What does it mean to value a public housing community that has been neglected for decades and now experiences high rates of violence, degraded housing, limited infrastructure, and a frayed social fabric? For many developers, city officials, and others, it means tearing all that down and replacing it with new mixed-income housing. What this redevelopment method often overlooks, however, is the experience of residents who bear witness to the physical destruction of their homes and the elimination of familiar street corners, basketball courts, green space, and all the other private and public signposts of community and lived history.
Simply inviting residents to participate in design charrettes and an official community planning process does not mitigate the significant loss of home that reverberates across generations. Just the inherent language of community “transformation” signals that what has come before is not worth holding on to, and renders the history of these public housing sites insignificant. Knowing this, our challenge is not to envision “transformed” communities, but an evolution that carries with it visible markers of what has come before and illuminates the history of the place and the people who have lived in these places for decades. What is needed is a radical act of longevity.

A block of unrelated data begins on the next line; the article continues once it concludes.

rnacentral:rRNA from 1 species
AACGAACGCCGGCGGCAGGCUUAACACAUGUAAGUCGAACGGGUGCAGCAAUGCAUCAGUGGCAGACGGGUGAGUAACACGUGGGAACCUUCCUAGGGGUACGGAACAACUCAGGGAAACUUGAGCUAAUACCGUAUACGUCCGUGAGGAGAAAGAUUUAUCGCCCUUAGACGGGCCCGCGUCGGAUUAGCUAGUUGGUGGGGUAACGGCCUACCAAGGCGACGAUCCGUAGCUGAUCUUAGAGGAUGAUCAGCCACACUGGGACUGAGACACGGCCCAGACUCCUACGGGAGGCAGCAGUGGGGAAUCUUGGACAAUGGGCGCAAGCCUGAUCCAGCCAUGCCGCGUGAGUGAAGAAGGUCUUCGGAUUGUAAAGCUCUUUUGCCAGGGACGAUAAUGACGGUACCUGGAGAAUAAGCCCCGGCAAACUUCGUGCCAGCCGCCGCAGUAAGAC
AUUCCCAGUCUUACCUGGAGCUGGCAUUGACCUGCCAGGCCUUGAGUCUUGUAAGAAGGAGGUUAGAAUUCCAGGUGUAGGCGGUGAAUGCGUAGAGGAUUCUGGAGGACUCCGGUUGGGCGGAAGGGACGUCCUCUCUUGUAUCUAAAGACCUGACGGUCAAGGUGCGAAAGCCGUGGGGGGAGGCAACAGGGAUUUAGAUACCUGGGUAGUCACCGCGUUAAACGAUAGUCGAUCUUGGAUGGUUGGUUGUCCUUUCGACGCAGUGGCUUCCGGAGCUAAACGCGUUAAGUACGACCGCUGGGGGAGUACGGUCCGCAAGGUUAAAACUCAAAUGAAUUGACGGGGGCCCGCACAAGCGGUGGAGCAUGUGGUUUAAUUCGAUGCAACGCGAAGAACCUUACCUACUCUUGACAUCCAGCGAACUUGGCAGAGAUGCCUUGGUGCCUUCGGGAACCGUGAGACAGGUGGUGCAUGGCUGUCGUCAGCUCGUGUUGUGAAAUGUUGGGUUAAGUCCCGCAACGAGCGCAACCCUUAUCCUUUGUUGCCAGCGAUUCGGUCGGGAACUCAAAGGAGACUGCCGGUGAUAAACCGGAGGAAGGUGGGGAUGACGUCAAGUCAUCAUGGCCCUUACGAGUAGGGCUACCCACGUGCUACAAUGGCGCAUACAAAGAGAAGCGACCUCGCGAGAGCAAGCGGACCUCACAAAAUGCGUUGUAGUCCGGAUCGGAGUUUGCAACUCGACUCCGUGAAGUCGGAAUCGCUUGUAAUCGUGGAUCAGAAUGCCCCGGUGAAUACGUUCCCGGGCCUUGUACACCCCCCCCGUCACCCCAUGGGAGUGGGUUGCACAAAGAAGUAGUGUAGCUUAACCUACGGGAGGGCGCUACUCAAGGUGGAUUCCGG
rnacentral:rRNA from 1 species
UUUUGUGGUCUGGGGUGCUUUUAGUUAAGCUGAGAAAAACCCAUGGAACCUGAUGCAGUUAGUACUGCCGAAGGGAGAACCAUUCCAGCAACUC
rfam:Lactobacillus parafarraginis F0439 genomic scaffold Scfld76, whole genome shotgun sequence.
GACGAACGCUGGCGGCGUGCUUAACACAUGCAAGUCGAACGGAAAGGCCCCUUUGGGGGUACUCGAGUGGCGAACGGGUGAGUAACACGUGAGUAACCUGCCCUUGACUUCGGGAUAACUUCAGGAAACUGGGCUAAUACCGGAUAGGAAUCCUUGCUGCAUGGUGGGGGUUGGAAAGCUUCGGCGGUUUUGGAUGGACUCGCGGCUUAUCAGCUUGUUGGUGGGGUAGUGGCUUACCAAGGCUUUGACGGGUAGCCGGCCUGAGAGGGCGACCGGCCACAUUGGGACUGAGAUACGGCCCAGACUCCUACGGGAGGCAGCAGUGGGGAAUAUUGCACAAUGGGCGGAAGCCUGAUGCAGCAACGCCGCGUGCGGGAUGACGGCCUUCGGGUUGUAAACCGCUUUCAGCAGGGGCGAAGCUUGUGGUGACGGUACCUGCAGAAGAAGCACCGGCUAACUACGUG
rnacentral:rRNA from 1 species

In San Francisco, a far-reaching process is taking place to replace and rehabilitate thousands of units of public housing. Called the HOPE SF initiative, four of the largest and most debilitated public housing communities will be entirely rebuilt, including new streets, parks, bus stops, community spaces, and housing. The intent is to keep residents in place and living in their communities without moving them out of San Francisco, never to return. Even with this commitment and the promise of safer, healthier housing, honoring community history has taken on increasing importance as residents have voiced their grief as the place they have called home is entirely demolished. “Once they tear it down, you’re tearing down the history of what makes Potrero Hill. Whether you call us a ghetto or a project … there’s a lot of history here and a lot of stuff has happened here.” Furthermore, community residents believe that historical recognition is needed to solidify their sense of belonging in the newly developed mixed-income housing that will be created through the HOPE SF initiative.